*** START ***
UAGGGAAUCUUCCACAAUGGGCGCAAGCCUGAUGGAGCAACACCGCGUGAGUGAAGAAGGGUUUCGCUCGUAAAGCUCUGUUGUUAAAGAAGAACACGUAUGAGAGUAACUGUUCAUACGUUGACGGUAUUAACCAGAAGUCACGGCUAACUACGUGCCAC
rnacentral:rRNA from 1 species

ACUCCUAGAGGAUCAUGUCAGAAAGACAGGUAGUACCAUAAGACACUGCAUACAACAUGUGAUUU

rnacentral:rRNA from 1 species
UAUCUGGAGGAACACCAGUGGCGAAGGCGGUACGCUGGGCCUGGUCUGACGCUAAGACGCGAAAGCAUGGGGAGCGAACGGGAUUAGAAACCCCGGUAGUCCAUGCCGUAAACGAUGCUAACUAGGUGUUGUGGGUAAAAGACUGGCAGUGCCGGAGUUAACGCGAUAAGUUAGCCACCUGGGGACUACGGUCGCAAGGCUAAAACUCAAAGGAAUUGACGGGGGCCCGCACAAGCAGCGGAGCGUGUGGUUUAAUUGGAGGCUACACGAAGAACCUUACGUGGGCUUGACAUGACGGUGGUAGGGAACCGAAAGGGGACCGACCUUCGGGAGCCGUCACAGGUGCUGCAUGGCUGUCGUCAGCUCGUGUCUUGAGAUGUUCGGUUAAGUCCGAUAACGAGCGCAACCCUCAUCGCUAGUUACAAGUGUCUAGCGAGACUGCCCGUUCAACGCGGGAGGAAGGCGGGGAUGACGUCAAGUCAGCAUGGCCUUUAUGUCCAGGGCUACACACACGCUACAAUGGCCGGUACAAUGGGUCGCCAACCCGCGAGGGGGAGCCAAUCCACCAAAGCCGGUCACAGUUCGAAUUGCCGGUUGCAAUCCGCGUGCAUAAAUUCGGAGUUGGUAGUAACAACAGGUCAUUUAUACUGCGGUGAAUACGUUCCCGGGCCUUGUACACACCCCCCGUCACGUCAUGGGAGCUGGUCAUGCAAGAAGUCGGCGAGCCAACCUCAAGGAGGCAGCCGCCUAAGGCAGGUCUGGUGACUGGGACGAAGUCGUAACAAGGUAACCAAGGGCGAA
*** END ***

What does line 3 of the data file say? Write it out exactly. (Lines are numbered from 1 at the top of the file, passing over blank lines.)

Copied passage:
ACUCCUAGAGGAUCAUGUCAGAAAGACAGGUAGUACCAUAAGACACUGCAUACAACAUGUGAUUU